Haste Decisions In William Shakespeare's Romeo And Juliet

1170 Words 5 Pages
Romeo and Juliet is a powerful example that those who act in haste make decisions which lead to the downfall of others, as well as themselves. At some point or another, nearly every character in the play has displayed this theme. The characters that have expressed this attribute most effectively are likely Tybalt, Romeo, and Juliet. Tybalt was one of the first to make the mistake of not thinking of the consequences of his actions, and the others followed his lead.

Tybalt is both a victim and a culprit of the characters of Romeo and Juliet acting in haste. When Romeo and some other Montagues invited themselves without permission to the Capulet’s party, and Tybalt figured out who was under the mask, he overreacted. He decided immediately that
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His first mistake was agreeing to go to the party with his family. He did not want to go originally, and would rather mope about his love Rosaline. If he had stood up for himself around his friends and told them that he would not go, none of the tragic endings would have happened. Later on, Romeo let his desire for revenge get the better of him and killed Tybalt, despite him saying earlier “And so, good Capulet-which name I tender As dearly as my own-be satisfied.”(3,1,65). If he had taken more time to think about his actions beforehand, such as realizing that Mercutio’s death was an accident, perhaps he never would have killed Tybalt. Earlier, it seemed to be Tybalt’s fault for Romeo and Juliet’s death because he challenged Romeo to a duel, but Romeo later sealed his fate by killing Tybalt in revenge. Who is more guilty of acting in haste? This mistake later led to him being banished from Verona, away from Juliet. After he had been forced to leave, Friar Lawrence and Juliet concocted a plan for the young lovers to be together. The plan failed, and Romeo truly believed that Juliet was dead. He lasted less than a minute before making up his mind and killing himself to be with her. “Thou detestable maw, thou womb of death, / Gorged with the dearest morsel of the earth, / Thus I enforce thy rotten jaws to open, / And in despite I’ll cram thee with more food!” …show more content…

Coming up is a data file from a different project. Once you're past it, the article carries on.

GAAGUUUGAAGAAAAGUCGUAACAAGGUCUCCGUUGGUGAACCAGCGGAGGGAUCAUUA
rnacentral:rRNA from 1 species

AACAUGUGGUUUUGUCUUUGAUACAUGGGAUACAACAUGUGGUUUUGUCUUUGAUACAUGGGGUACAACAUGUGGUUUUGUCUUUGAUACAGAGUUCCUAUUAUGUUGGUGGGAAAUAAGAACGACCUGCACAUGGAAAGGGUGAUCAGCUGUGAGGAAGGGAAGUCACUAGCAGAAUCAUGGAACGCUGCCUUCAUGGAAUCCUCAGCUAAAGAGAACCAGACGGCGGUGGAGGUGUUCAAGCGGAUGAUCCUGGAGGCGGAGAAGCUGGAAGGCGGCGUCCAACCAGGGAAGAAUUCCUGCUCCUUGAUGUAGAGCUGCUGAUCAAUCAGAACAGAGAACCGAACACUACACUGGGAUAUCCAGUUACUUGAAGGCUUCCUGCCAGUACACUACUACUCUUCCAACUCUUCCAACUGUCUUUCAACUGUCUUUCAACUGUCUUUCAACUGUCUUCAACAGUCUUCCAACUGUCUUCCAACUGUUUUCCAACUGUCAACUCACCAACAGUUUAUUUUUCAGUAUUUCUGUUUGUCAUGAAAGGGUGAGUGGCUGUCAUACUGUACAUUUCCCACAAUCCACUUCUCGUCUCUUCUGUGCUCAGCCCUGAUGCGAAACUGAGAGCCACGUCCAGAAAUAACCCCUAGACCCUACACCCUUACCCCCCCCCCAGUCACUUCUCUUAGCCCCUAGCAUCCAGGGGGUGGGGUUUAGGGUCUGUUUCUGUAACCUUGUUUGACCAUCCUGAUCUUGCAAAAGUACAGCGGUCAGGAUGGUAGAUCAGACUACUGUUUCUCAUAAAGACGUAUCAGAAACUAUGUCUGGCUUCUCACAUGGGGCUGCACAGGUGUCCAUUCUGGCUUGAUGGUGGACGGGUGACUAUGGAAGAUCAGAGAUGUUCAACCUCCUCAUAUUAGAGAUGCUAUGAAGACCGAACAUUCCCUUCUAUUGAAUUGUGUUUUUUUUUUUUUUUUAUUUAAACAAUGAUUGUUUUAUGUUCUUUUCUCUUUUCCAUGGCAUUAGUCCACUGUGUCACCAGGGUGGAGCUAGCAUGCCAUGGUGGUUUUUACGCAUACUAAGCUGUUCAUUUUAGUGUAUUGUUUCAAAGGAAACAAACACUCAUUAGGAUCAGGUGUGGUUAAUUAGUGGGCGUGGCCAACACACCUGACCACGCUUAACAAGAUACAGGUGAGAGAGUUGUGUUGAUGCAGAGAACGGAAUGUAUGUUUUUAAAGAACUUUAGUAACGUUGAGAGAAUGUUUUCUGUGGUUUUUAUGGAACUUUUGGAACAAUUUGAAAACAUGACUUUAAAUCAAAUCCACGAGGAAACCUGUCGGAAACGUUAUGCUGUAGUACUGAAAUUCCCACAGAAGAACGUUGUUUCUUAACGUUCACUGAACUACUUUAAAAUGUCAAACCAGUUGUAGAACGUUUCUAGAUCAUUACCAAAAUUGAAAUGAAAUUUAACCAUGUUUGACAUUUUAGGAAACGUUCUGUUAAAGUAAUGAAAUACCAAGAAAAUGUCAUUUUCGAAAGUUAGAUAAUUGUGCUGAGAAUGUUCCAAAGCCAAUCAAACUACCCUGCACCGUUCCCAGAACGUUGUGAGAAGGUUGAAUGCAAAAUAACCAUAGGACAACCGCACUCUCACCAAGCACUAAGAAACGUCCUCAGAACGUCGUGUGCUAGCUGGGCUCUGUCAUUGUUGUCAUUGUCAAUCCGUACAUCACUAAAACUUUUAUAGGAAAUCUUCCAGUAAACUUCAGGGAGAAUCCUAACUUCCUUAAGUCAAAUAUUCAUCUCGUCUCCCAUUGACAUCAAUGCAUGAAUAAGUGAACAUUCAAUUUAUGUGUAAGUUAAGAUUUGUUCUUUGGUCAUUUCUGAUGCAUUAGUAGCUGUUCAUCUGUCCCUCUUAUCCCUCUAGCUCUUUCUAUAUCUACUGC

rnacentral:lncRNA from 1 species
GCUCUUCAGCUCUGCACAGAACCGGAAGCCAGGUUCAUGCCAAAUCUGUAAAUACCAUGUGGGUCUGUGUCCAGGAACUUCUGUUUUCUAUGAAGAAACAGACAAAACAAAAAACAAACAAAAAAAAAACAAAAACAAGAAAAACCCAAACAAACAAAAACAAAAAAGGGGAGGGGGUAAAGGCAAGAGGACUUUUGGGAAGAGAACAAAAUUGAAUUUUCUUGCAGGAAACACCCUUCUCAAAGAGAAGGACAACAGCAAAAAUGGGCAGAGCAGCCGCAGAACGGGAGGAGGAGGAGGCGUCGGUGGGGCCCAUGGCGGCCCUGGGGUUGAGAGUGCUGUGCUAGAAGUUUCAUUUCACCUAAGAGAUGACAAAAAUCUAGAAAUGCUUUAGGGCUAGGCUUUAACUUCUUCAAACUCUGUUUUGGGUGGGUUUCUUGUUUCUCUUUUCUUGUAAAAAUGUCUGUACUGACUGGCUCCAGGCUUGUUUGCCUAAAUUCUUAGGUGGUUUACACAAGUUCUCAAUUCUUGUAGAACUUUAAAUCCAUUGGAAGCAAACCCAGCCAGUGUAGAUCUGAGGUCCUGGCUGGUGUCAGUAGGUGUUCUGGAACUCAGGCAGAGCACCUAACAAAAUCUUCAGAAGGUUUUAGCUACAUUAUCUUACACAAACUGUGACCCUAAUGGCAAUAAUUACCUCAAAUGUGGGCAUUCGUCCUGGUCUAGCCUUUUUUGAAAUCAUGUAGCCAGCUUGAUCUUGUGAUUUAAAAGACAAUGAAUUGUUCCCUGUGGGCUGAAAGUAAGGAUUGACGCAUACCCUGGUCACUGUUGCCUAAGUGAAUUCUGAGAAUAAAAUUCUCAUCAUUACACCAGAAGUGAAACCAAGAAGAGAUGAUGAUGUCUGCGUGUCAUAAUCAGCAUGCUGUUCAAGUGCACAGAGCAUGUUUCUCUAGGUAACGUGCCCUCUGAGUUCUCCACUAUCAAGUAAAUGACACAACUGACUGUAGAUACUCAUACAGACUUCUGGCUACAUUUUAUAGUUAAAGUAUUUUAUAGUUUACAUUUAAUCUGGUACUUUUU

Later on, she went with Friar Lawrence 's flawed plan. Unlike some decisions that Romeo made, she did spend some time thinking of how it could fail. She didn 't think of exactly what went wrong, but she did consider the possibility that the potion wouldn 't work. To solve that problem, she thought she could actually kill herself instead of faking it. That would have also been a mistake. The play would have ended exactly the same, with both lovers dead. Her curse was her stupidity. She let her love cloud her mind, made her unable to make clear decisions. Before she met Romeo, she plainly said, “It is an honor that I dream not of.” (1,3,65) Meaning that she had never wanted to get married at such a young age, that she had no desire for it. Almost immediately after she met Romeo in the balcony scene, she decided that of course she wanted to get married, and why was she so foolish to think otherwise? “If that thy bent of love be honorable, / Thy purpose marriage, send me word tomorrow” (2,2,145). Where Romeo’s first mistake was made with a head clouded by rage, all of Juliet’s decisions were clouded by love, and caused them all to

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